Congressional Calendar September 29, 2010

The Senate could take actions to file and pass a continuing resolution, or CR, to fund the government at 2010 levels through December 3. Congress has failed to complete its work on any of the 12 appropriations bills for fiscal year 2011 and needs to pass the CR before the end of the month in order to keep the government running.

The House is expected to take up the 9/11 Health and Compensation Act. The legislation provides medical monitoring, treatment, and economic compensation for first responders and workers who were sickened by the toxic debris cloud at the Ground Zero site. A vote on the measure under suspension rules, which require a two-thirds majority, failed in July amidst a bitter partisan fight. The bill should be able to get the 218 votes necessary for passage under regular order.

The president's bipartisan debt commission will have a public meeting on the Hill at 9:30 a.m. ET. They'll be discussing ways to reduce the deficit, but much of the media attention could focus on commission member Andy Stern, the former union boss under investigation by the FBI and the Department of Labor as part of a corruption probe.

A trio of influential lawmakers head off campus to deliver policy speeches on domestic and foreign affairs.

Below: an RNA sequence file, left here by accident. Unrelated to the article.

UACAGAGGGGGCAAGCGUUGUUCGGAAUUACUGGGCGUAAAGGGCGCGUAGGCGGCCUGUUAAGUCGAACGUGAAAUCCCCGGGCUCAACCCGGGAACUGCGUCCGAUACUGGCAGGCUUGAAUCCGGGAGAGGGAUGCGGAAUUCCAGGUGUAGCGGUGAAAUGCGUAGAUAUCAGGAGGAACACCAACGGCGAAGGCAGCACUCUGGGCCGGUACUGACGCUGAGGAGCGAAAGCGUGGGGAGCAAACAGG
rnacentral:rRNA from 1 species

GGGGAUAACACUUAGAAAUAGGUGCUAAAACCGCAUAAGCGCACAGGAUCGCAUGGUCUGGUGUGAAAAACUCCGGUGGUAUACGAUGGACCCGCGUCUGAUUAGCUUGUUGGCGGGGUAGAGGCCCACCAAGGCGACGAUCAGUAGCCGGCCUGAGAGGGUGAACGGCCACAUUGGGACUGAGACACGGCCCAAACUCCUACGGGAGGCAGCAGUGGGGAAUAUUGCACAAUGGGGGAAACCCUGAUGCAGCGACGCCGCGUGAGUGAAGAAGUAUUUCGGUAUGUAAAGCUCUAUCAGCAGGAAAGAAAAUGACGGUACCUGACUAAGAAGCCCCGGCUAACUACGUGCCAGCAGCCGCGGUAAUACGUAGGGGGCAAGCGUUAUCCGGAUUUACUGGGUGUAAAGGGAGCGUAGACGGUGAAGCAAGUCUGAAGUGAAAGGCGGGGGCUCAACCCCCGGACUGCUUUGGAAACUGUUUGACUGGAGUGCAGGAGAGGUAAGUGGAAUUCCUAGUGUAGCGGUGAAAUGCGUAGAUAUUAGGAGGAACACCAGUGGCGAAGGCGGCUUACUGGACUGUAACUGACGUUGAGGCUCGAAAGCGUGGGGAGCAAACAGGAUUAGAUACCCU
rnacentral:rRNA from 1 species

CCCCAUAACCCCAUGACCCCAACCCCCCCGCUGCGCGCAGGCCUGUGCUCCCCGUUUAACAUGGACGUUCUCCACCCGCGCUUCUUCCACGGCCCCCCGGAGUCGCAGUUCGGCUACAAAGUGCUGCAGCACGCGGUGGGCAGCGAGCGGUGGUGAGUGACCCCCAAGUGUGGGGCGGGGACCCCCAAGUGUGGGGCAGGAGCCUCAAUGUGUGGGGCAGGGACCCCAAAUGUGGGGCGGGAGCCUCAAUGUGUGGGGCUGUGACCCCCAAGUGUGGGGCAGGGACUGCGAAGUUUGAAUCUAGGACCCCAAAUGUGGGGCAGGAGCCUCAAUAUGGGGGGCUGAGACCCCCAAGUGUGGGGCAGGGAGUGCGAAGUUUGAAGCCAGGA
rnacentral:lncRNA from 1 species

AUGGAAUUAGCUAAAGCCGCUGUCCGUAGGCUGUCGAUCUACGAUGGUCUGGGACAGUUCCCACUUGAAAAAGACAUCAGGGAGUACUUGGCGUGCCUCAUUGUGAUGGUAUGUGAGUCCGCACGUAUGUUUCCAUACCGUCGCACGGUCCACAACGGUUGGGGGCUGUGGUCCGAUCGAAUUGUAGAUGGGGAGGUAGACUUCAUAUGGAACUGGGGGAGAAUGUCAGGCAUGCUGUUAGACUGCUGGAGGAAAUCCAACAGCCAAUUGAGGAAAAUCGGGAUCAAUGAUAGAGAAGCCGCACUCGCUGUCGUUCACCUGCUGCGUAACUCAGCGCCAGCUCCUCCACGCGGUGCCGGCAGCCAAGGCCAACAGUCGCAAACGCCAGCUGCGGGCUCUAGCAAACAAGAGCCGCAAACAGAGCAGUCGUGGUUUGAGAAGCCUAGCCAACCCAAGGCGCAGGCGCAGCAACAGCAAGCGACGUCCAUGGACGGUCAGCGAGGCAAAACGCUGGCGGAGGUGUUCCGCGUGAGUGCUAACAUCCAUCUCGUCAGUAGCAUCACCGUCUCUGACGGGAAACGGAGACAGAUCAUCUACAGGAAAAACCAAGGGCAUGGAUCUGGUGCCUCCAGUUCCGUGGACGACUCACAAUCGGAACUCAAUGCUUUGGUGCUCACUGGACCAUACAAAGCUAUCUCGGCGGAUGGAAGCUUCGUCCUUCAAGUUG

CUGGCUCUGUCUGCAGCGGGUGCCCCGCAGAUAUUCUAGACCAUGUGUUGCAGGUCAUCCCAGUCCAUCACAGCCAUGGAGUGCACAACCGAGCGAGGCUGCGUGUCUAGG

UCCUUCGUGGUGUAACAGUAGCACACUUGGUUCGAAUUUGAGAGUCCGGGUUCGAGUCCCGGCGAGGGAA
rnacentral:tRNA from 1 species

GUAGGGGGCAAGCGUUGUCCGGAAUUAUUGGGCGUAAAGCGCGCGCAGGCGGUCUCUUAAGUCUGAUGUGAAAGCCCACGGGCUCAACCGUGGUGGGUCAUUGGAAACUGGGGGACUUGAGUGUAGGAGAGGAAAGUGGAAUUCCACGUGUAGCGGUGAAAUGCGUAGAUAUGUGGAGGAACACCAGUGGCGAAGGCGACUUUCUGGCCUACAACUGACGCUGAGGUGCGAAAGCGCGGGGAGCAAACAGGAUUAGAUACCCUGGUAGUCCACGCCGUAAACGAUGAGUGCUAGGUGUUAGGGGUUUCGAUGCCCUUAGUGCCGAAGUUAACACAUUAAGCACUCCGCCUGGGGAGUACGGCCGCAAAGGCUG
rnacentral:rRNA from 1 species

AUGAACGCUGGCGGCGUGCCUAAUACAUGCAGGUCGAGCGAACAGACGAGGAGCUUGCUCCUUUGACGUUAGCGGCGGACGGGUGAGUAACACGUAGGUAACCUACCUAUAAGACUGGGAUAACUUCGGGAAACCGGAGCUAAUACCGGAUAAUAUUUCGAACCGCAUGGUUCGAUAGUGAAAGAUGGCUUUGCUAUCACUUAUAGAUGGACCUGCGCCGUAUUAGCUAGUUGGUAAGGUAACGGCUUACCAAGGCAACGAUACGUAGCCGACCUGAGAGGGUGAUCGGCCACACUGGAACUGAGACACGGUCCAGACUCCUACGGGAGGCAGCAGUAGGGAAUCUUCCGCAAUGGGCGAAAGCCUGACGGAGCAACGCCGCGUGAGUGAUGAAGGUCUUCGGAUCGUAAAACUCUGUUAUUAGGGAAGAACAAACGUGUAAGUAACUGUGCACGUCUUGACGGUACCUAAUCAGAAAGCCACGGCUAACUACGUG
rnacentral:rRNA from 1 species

The "Benator," Sen. Ben Nelson, D-Neb., will present his case for extending the 2001 and 2003 Bush tax cuts at the Heritage Foundation, a conservative think tank. Nelson says raising taxes could impair what has been a sluggish recovery.

Sen. Joe Lieberman, I-Conn., will deliver what his aides call a "major policy speech" on Iran to the Council on Foreign Relations at 12:30 p.m. ET. According to excerpts obtained by Fox, Lieberman says that military action against the rogue regime should remain on the table if Iran refuses to halt its pursuit of nuclear weapons.

Rep Darrell Issa, R-Calif., ranking member on the House Committee on Oversight and Government Reform Committee holds a discussion on the challenges to reforming "broken government" at the Heritage Foundation at 12:00 p.m. ET.

Senate leaders hold their weekly policy luncheons and press conferences in the afternoon. They were postponed from their usual Tuesday time slot so that members could attend the funeral of the late Sen. Ted Stevens, R-Alaska, who died in a plane crash in August.

House GOP leaders hold a media availability at 10:00 a.m. ET after their weekly caucus meeting. House Democrats will hold a caucus later in the afternoon at 2:00 p.m. ET with a stakeout to follow.

We'll be covering all these stories and more, so stay with Fox News for all the latest.